The Internet of Water, a new project to improve our nation’s water data infrastructure, has been awarded start-up support by six foundations.
The S.D. Bechtel, Jr. Foundation, the Kingfisher Foundation, The Cynthia & George Mitchell Foundation, the Pisces Foundation, the Walton Family Foundation, and the Water Funder Initiative collectively awarded Duke University’s Nicholas Institute for Environmental Policy Solutions $1 million in grant funding.
“Our water world is data rich, but information poor,” said Martin Doyle, director of the Nicholas Institute's Water Policy Program and a professor of river science and policy at Duke University’s Nicholas School of the Environment. “This funding will create game-changing opportunities to support real-time decision making on a broad scale.”
The funding supports the development of a national digital water data and information framework for sharing, integrating, and disseminating public, governmental data to characterize and forecast the quantity, quality, and uses of water across the United States.
The Internet of Water is an outgrowth of the 2015 Aspen-Nicholas Water Forum, which focused on water and big data, and was then followed by the Aspen Institute Dialogue Series on Sharing and Integrating Water Data for Sustainability—a convening of experts from different water sectors. These efforts, led in part by the Aspen Institute, Doyle and his Nicholas Institute colleague Lauren Patterson, provided key findings and recommendations regarding the challenges of and opportunities for developing the Internet of Water.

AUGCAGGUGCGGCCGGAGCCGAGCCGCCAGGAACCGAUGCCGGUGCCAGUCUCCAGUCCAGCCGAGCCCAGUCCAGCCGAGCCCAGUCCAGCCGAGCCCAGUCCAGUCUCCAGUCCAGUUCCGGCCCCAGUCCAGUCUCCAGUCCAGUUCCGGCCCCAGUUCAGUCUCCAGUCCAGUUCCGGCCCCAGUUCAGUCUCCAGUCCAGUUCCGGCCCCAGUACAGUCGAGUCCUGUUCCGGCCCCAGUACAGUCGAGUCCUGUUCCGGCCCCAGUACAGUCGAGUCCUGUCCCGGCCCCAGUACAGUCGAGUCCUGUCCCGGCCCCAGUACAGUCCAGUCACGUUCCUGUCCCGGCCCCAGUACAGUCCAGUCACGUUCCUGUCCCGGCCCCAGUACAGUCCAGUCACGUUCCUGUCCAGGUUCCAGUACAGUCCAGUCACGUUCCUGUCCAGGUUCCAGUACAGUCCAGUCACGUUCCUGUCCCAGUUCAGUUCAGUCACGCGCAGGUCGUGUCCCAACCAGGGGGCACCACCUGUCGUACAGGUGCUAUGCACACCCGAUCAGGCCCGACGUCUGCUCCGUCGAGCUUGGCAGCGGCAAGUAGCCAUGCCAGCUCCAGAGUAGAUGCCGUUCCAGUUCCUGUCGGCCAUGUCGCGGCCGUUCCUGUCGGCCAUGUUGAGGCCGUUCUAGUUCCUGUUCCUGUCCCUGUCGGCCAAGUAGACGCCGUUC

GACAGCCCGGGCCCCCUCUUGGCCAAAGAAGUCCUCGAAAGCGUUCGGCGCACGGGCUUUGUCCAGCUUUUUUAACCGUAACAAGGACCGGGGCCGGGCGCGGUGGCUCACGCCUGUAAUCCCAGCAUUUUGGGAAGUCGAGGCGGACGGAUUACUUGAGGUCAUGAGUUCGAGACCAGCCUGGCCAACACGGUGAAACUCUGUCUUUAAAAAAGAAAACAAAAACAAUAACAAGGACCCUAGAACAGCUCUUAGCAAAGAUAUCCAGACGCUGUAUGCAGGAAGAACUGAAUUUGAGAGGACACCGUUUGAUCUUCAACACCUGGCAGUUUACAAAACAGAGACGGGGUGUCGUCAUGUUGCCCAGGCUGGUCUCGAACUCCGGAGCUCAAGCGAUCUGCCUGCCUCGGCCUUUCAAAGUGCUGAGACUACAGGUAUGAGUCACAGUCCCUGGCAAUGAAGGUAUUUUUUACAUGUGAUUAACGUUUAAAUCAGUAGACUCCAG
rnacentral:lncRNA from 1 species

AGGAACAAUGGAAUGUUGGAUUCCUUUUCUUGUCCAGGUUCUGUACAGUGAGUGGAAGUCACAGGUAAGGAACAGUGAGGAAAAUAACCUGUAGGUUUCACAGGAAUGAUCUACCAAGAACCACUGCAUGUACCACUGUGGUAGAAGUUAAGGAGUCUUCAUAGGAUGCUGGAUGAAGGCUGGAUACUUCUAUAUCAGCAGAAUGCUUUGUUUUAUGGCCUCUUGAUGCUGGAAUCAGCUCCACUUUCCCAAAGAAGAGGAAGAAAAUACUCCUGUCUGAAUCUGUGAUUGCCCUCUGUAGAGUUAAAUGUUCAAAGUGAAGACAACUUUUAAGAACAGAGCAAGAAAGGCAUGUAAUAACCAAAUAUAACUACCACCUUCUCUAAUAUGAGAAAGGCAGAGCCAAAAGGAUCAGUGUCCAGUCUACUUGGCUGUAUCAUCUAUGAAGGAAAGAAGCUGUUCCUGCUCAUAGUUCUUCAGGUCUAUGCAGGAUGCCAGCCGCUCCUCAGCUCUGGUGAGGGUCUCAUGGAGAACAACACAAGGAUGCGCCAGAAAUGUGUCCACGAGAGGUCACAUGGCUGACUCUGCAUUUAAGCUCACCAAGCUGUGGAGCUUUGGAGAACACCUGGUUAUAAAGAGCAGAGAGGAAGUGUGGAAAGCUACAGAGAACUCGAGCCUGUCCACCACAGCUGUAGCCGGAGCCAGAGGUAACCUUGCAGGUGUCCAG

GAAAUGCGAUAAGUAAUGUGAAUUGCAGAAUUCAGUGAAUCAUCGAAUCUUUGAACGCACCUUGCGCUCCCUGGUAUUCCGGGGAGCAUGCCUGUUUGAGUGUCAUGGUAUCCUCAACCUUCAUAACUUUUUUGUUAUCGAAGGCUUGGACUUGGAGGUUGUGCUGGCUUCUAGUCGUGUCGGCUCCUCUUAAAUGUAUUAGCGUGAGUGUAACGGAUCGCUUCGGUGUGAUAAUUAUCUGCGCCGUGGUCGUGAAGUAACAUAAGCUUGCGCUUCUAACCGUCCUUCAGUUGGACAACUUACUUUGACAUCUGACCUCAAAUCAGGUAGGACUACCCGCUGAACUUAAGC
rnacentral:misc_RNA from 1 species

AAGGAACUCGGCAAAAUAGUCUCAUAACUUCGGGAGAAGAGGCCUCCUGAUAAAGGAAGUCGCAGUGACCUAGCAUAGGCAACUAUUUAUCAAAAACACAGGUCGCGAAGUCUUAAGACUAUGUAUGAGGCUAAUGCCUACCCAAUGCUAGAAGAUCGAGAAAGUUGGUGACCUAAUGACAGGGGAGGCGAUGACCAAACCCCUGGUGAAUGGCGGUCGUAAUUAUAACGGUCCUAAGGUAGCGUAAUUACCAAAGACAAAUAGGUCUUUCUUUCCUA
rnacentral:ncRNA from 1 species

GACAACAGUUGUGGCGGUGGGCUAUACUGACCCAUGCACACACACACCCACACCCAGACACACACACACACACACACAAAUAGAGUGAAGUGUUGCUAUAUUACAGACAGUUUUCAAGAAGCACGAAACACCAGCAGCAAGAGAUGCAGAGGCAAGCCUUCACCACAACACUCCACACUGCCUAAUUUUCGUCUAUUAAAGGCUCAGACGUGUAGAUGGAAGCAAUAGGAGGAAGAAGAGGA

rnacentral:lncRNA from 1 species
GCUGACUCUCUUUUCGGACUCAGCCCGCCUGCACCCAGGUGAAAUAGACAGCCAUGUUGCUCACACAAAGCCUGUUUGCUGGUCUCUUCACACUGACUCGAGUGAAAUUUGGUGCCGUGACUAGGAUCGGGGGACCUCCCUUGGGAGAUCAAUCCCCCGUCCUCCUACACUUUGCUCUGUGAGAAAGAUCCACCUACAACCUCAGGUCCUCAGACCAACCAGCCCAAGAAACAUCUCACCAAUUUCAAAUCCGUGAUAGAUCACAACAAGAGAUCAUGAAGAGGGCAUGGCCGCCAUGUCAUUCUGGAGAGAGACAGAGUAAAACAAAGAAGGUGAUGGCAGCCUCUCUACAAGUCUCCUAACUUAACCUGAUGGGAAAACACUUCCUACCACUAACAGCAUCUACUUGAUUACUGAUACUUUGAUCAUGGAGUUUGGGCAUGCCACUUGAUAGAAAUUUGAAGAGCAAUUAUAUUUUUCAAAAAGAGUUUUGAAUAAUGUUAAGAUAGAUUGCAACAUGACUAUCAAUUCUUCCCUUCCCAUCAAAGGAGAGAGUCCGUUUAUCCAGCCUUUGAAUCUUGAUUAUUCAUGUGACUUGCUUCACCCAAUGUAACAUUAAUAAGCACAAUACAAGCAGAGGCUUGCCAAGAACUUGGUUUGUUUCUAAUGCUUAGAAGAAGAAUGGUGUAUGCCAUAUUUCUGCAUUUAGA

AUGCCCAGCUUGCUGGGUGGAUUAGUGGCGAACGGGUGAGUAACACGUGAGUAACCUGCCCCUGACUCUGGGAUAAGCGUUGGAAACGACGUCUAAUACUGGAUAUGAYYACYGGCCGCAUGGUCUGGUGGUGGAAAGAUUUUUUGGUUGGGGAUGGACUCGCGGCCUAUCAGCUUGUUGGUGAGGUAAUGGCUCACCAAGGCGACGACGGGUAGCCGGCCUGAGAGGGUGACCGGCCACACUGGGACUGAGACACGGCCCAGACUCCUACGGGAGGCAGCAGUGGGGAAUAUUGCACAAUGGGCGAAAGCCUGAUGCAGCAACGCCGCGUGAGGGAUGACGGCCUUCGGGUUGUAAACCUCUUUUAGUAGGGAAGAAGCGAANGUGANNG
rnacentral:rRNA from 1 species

The subsequent report, The Internet of Water: Sharing and Integrating Water Data for Sustainability, found public agencies often collect data relevant to water management, but those data are often not openly shared across platforms, limiting their wide use.
“When water data are hard to discover or share across platforms, they are not put to additional uses to gain valuable insights that could revolutionize how we manage our water resources” said Patterson, policy associate in the Nicholas Institute’s Water Policy Program.
Members of the media interested in speaking with Martin Doyle should contact Erin McKenzie, firstname.lastname@example.org or 919.613.3652.